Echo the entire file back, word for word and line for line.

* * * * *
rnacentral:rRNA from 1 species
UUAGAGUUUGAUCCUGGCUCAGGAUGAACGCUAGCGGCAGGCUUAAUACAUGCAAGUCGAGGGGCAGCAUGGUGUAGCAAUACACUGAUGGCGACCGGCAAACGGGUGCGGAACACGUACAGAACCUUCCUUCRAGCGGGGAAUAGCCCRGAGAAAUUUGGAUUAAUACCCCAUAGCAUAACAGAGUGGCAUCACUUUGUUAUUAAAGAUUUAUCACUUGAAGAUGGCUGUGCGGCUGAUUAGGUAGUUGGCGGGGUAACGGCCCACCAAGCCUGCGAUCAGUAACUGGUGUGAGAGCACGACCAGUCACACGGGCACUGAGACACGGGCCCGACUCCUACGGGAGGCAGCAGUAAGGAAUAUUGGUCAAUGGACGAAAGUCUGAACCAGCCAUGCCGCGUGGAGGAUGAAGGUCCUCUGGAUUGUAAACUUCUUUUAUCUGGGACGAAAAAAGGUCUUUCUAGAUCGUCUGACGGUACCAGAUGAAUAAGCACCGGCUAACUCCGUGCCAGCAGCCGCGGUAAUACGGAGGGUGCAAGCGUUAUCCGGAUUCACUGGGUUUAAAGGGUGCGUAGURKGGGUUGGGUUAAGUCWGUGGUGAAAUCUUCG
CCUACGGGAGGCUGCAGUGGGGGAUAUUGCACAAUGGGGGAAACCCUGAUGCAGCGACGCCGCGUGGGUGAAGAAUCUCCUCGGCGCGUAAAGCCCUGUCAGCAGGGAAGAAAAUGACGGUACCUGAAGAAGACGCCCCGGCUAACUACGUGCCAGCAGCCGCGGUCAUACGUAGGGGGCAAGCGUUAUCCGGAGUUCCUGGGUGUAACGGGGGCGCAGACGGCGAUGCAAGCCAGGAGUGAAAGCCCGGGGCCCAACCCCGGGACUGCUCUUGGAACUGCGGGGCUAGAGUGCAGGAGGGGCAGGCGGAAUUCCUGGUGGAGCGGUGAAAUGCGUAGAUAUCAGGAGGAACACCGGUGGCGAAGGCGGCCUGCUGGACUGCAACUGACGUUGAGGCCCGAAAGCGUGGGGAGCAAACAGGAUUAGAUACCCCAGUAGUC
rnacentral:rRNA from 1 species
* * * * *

rnacentral:rRNA from 1 species
UUAGAGUUUGAUCCUGGCUCAGGAUGAACGCUAGCGGCAGGCUUAAUACAUGCAAGUCGAGGGGCAGCAUGGUGUAGCAAUACACUGAUGGCGACCGGCAAACGGGUGCGGAACACGUACAGAACCUUCCUUCRAGCGGGGAAUAGCCCRGAGAAAUUUGGAUUAAUACCCCAUAGCAUAACAGAGUGGCAUCACUUUGUUAUUAAAGAUUUAUCACUUGAAGAUGGCUGUGCGGCUGAUUAGGUAGUUGGCGGGGUAACGGCCCACCAAGCCUGCGAUCAGUAACUGGUGUGAGAGCACGACCAGUCACACGGGCACUGAGACACGGGCCCGACUCCUACGGGAGGCAGCAGUAAGGAAUAUUGGUCAAUGGACGAAAGUCUGAACCAGCCAUGCCGCGUGGAGGAUGAAGGUCCUCUGGAUUGUAAACUUCUUUUAUCUGGGACGAAAAAAGGUCUUUCUAGAUCGUCUGACGGUACCAGAUGAAUAAGCACCGGCUAACUCCGUGCCAGCAGCCGCGGUAAUACGGAGGGUGCAAGCGUUAUCCGGAUUCACUGGGUUUAAAGGGUGCGUAGURKGGGUUGGGUUAAGUCWGUGGUGAAAUCUUCG
CCUACGGGAGGCUGCAGUGGGGGAUAUUGCACAAUGGGGGAAACCCUGAUGCAGCGACGCCGCGUGGGUGAAGAAUCUCCUCGGCGCGUAAAGCCCUGUCAGCAGGGAAGAAAAUGACGGUACCUGAAGAAGACGCCCCGGCUAACUACGUGCCAGCAGCCGCGGUCAUACGUAGGGGGCAAGCGUUAUCCGGAGUUCCUGGGUGUAACGGGGGCGCAGACGGCGAUGCAAGCCAGGAGUGAAAGCCCGGGGCCCAACCCCGGGACUGCUCUUGGAACUGCGGGGCUAGAGUGCAGGAGGGGCAGGCGGAAUUCCUGGUGGAGCGGUGAAAUGCGUAGAUAUCAGGAGGAACACCGGUGGCGAAGGCGGCCUGCUGGACUGCAACUGACGUUGAGGCCCGAAAGCGUGGGGAGCAAACAGGAUUAGAUACCCCAGUAGUC
rnacentral:rRNA from 1 species